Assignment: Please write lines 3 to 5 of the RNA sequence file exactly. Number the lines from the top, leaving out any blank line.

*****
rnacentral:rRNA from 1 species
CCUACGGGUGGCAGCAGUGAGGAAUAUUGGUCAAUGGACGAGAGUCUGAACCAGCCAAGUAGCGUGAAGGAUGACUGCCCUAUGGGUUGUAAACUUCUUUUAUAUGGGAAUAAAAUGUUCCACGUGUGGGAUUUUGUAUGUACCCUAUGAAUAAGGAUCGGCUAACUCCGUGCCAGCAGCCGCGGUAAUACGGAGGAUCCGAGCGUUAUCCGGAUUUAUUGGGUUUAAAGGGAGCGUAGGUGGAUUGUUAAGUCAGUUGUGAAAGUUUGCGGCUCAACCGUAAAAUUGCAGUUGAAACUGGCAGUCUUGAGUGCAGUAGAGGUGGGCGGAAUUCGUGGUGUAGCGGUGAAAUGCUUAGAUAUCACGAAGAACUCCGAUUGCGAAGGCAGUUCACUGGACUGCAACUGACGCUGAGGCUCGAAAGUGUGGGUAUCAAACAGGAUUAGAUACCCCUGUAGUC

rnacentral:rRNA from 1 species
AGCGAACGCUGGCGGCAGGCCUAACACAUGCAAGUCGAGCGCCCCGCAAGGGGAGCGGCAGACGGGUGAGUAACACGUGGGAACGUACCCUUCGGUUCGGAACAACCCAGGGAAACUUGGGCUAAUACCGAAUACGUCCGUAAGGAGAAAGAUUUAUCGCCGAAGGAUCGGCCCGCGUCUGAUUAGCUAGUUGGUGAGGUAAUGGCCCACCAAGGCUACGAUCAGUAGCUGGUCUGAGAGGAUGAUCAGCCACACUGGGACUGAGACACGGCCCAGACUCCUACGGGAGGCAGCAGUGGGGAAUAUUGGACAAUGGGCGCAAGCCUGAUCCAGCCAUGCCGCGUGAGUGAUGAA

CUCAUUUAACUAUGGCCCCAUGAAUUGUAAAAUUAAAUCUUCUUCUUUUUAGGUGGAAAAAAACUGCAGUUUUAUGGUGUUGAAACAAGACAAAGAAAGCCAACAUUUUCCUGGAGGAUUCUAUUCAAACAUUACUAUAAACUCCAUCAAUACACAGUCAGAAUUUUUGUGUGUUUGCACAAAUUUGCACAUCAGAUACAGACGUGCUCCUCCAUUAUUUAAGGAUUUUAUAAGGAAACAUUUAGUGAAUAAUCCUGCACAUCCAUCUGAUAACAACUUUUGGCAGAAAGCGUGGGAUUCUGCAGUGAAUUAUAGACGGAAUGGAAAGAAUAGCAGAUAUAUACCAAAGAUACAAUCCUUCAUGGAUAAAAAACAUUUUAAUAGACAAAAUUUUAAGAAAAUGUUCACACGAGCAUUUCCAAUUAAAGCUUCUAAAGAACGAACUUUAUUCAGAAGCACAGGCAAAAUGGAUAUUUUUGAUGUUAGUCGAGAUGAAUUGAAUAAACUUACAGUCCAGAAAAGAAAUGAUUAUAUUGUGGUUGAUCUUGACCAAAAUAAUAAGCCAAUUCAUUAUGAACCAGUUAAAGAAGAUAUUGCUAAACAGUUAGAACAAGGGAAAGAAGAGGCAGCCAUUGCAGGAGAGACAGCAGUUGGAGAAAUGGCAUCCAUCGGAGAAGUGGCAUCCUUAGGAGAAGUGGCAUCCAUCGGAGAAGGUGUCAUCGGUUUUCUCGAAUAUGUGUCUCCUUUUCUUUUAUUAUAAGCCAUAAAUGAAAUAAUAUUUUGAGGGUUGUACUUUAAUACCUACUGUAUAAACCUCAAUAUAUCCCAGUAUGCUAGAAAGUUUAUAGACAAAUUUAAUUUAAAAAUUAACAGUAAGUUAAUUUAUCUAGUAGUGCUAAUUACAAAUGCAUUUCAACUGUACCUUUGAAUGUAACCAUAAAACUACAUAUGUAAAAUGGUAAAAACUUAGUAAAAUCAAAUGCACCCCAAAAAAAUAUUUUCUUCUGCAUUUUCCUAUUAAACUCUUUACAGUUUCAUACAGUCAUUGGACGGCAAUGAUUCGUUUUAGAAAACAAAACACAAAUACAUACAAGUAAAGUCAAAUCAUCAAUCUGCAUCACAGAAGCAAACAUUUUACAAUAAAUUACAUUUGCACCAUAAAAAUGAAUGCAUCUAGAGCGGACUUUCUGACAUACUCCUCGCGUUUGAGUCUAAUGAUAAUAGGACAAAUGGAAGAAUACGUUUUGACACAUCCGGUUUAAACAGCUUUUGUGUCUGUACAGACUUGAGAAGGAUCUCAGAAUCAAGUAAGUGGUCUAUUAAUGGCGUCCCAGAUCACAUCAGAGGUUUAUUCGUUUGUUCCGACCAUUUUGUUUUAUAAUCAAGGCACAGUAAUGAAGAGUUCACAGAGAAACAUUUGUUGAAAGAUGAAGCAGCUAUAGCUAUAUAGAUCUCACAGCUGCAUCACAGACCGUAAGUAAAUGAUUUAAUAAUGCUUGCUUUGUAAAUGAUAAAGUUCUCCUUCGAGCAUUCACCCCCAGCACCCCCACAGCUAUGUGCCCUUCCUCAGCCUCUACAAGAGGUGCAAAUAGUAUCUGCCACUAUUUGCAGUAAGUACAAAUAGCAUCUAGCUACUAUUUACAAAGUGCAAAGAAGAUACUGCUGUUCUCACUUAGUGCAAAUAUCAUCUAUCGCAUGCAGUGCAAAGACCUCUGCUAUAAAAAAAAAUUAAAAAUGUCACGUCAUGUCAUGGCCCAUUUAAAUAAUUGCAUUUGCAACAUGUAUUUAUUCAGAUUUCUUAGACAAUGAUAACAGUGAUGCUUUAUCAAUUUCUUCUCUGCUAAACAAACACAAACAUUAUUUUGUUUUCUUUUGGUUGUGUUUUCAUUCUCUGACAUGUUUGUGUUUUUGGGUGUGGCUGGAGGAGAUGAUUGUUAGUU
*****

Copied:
rnacentral:rRNA from 1 species
AGCGAACGCUGGCGGCAGGCCUAACACAUGCAAGUCGAGCGCCCCGCAAGGGGAGCGGCAGACGGGUGAGUAACACGUGGGAACGUACCCUUCGGUUCGGAACAACCCAGGGAAACUUGGGCUAAUACCGAAUACGUCCGUAAGGAGAAAGAUUUAUCGCCGAAGGAUCGGCCCGCGUCUGAUUAGCUAGUUGGUGAGGUAAUGGCCCACCAAGGCUACGAUCAGUAGCUGGUCUGAGAGGAUGAUCAGCCACACUGGGACUGAGACACGGCCCAGACUCCUACGGGAGGCAGCAGUGGGGAAUAUUGGACAAUGGGCGCAAGCCUGAUCCAGCCAUGCCGCGUGAGUGAUGAA

CUCAUUUAACUAUGGCCCCAUGAAUUGUAAAAUUAAAUCUUCUUCUUUUUAGGUGGAAAAAAACUGCAGUUUUAUGGUGUUGAAACAAGACAAAGAAAGCCAACAUUUUCCUGGAGGAUUCUAUUCAAACAUUACUAUAAACUCCAUCAAUACACAGUCAGAAUUUUUGUGUGUUUGCACAAAUUUGCACAUCAGAUACAGACGUGCUCCUCCAUUAUUUAAGGAUUUUAUAAGGAAACAUUUAGUGAAUAAUCCUGCACAUCCAUCUGAUAACAACUUUUGGCAGAAAGCGUGGGAUUCUGCAGUGAAUUAUAGACGGAAUGGAAAGAAUAGCAGAUAUAUACCAAAGAUACAAUCCUUCAUGGAUAAAAAACAUUUUAAUAGACAAAAUUUUAAGAAAAUGUUCACACGAGCAUUUCCAAUUAAAGCUUCUAAAGAACGAACUUUAUUCAGAAGCACAGGCAAAAUGGAUAUUUUUGAUGUUAGUCGAGAUGAAUUGAAUAAACUUACAGUCCAGAAAAGAAAUGAUUAUAUUGUGGUUGAUCUUGACCAAAAUAAUAAGCCAAUUCAUUAUGAACCAGUUAAAGAAGAUAUUGCUAAACAGUUAGAACAAGGGAAAGAAGAGGCAGCCAUUGCAGGAGAGACAGCAGUUGGAGAAAUGGCAUCCAUCGGAGAAGUGGCAUCCUUAGGAGAAGUGGCAUCCAUCGGAGAAGGUGUCAUCGGUUUUCUCGAAUAUGUGUCUCCUUUUCUUUUAUUAUAAGCCAUAAAUGAAAUAAUAUUUUGAGGGUUGUACUUUAAUACCUACUGUAUAAACCUCAAUAUAUCCCAGUAUGCUAGAAAGUUUAUAGACAAAUUUAAUUUAAAAAUUAACAGUAAGUUAAUUUAUCUAGUAGUGCUAAUUACAAAUGCAUUUCAACUGUACCUUUGAAUGUAACCAUAAAACUACAUAUGUAAAAUGGUAAAAACUUAGUAAAAUCAAAUGCACCCCAAAAAAAUAUUUUCUUCUGCAUUUUCCUAUUAAACUCUUUACAGUUUCAUACAGUCAUUGGACGGCAAUGAUUCGUUUUAGAAAACAAAACACAAAUACAUACAAGUAAAGUCAAAUCAUCAAUCUGCAUCACAGAAGCAAACAUUUUACAAUAAAUUACAUUUGCACCAUAAAAAUGAAUGCAUCUAGAGCGGACUUUCUGACAUACUCCUCGCGUUUGAGUCUAAUGAUAAUAGGACAAAUGGAAGAAUACGUUUUGACACAUCCGGUUUAAACAGCUUUUGUGUCUGUACAGACUUGAGAAGGAUCUCAGAAUCAAGUAAGUGGUCUAUUAAUGGCGUCCCAGAUCACAUCAGAGGUUUAUUCGUUUGUUCCGACCAUUUUGUUUUAUAAUCAAGGCACAGUAAUGAAGAGUUCACAGAGAAACAUUUGUUGAAAGAUGAAGCAGCUAUAGCUAUAUAGAUCUCACAGCUGCAUCACAGACCGUAAGUAAAUGAUUUAAUAAUGCUUGCUUUGUAAAUGAUAAAGUUCUCCUUCGAGCAUUCACCCCCAGCACCCCCACAGCUAUGUGCCCUUCCUCAGCCUCUACAAGAGGUGCAAAUAGUAUCUGCCACUAUUUGCAGUAAGUACAAAUAGCAUCUAGCUACUAUUUACAAAGUGCAAAGAAGAUACUGCUGUUCUCACUUAGUGCAAAUAUCAUCUAUCGCAUGCAGUGCAAAGACCUCUGCUAUAAAAAAAAAUUAAAAAUGUCACGUCAUGUCAUGGCCCAUUUAAAUAAUUGCAUUUGCAACAUGUAUUUAUUCAGAUUUCUUAGACAAUGAUAACAGUGAUGCUUUAUCAAUUUCUUCUCUGCUAAACAAACACAAACAUUAUUUUGUUUUCUUUUGGUUGUGUUUUCAUUCUCUGACAUGUUUGUGUUUUUGGGUGUGGCUGGAGGAGAUGAUUGUUAGUU